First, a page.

Most of the EE or CS graduates know or at least have heard about different types of hardware counters: prescaled, Johnson, ripple carry, linear feedback shift register (LFSR), and others.
The majority of logic designers use the first two types, because they’re simple to implement in Verilog or VHDL. However, for some applications LFSR counters offer a significant advantage in terms of logic utilization and maximum frequency.
The most commonly used linear function of single bits is XOR. Thus, an LFSR is most often a shift register whose input bit is driven by the exclusive-or (XOR) of some bits of the overall shift register value.
The initial value of the LFSR is called the seed, and because the operation of the register is deterministic, the stream of values produced by the register is completely determined by its current (or previous) state. Likewise, because the register has a finite number of possible states, it must eventually enter a repeating cycle. However, an LFSR with a well-chosen feedback function can produce a sequence of bits which appears random and which has a very long cycle.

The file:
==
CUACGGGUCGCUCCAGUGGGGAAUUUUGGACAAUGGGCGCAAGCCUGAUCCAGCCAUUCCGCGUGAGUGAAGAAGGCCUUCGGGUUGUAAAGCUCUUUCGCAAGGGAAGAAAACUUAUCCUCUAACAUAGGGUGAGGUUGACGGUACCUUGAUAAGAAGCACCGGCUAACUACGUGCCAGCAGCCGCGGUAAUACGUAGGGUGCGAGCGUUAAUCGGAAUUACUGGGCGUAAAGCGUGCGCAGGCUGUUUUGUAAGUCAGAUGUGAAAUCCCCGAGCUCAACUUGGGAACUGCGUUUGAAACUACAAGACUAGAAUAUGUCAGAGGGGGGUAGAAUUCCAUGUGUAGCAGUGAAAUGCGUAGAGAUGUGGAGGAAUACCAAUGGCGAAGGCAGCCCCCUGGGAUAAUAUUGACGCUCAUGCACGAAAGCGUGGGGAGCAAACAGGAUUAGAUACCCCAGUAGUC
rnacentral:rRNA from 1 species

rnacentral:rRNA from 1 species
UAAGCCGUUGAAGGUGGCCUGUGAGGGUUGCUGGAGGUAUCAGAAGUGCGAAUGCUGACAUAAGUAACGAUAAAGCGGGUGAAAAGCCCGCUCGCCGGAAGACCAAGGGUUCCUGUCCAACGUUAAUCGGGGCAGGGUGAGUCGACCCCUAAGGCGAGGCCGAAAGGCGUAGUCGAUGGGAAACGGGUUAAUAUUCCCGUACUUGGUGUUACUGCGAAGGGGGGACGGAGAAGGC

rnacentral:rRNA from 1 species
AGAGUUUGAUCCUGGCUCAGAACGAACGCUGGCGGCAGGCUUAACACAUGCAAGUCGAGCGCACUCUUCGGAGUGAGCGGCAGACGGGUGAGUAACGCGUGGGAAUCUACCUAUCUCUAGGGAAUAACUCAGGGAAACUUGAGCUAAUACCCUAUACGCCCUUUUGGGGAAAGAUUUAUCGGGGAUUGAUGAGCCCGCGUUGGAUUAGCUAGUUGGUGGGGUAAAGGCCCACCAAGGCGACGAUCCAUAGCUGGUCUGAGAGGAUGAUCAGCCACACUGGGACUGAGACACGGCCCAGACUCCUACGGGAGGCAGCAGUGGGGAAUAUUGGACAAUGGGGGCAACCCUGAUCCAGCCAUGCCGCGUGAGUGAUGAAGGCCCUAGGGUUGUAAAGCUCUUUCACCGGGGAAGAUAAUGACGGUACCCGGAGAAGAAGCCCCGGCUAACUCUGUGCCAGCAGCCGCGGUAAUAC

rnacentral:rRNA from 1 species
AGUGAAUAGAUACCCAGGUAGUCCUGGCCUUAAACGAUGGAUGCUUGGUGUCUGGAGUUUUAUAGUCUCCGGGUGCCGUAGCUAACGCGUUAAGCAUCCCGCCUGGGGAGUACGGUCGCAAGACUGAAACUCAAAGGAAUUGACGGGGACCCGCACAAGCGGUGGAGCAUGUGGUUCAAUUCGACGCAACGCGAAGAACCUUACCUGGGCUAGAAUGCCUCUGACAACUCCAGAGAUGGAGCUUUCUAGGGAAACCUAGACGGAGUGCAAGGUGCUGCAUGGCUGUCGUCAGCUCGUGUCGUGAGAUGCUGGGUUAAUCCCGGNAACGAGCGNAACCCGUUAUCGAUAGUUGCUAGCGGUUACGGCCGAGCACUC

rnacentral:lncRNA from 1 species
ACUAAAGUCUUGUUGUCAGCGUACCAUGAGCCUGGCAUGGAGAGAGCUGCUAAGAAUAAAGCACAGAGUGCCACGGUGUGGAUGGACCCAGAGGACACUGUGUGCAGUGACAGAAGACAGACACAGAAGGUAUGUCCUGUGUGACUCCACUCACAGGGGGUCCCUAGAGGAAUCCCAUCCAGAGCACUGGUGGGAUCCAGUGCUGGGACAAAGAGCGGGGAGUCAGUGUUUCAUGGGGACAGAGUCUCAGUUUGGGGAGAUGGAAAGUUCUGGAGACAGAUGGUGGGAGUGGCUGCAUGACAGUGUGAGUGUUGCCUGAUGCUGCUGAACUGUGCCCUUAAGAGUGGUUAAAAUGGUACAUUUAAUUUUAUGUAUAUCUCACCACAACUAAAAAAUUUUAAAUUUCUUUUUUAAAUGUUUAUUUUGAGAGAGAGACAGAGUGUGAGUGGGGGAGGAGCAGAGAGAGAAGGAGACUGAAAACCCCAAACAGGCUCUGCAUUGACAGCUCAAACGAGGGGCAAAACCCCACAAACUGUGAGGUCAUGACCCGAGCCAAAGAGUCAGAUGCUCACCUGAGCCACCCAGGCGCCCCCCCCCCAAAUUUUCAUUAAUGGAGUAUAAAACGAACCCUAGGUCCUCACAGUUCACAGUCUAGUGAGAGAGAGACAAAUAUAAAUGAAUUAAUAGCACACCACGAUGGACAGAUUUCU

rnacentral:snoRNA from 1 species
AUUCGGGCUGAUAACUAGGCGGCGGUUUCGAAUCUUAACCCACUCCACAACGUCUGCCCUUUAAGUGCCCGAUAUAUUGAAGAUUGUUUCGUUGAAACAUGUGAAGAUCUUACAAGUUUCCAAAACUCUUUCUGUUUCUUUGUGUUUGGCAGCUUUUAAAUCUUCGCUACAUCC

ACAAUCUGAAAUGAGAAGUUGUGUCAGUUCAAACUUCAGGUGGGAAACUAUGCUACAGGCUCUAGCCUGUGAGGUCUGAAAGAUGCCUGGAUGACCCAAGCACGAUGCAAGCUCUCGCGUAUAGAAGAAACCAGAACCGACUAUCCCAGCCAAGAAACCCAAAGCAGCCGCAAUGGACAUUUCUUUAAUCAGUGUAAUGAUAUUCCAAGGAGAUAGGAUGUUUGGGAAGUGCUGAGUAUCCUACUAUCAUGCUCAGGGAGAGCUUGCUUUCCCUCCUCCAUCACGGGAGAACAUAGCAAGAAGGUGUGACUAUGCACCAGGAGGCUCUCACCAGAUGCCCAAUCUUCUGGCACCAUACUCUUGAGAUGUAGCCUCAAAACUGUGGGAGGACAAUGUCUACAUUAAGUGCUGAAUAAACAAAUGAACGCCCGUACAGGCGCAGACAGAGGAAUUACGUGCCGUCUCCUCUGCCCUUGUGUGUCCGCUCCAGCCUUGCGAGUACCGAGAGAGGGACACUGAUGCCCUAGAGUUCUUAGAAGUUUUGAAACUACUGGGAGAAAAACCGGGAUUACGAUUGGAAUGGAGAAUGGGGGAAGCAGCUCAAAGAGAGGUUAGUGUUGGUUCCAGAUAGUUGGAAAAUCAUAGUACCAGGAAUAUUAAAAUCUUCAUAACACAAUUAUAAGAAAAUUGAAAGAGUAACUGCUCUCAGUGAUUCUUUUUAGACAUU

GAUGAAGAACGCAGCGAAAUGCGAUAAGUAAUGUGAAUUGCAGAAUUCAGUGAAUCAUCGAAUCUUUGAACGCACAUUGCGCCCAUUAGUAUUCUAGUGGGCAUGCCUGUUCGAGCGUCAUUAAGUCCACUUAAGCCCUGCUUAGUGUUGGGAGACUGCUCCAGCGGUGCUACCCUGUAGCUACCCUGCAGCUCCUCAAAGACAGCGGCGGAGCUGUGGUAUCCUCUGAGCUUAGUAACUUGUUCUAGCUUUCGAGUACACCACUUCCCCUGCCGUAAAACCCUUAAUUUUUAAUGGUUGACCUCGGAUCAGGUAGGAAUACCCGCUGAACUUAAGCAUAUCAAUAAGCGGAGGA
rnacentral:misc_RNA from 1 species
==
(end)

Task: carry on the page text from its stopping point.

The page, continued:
Here is the VHDL Code which I used to make a 8-Bit Linear Feedback Shift Register,
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entity lfsr is
ctrl , rst, clk : in std_logic;
op : out std_logic);
architecture my_lfsr of lfsr is
signal lfsr: std_logic_vector (3 downto 0);
signal d0ne, lfsr_eq: std_logic;
d0ne <= lfsr(3) xnor lfsr(2) ;
if(lfsr = x”6″) then
lfsr_eq <= ‘1’;
lfsr_eq <= ‘0’;
process (clk,rst) begin
if (rst = ‘1’) then
lfsr <= “0000”;
op <= ‘0’;
elsif (clk’EVENT and clk = ‘1’) then
op <= lfsr_eq;
if (ctrl = ‘1’) then
if(lfsr_eq = ‘1’) then
lfsr <= “0000”;
lfsr <= lfsr(2 downto 0) & d0ne;
end architecture my_lfsr;
For Further Help and Assistance,Refer to:8-bit LFSR Counter Generator.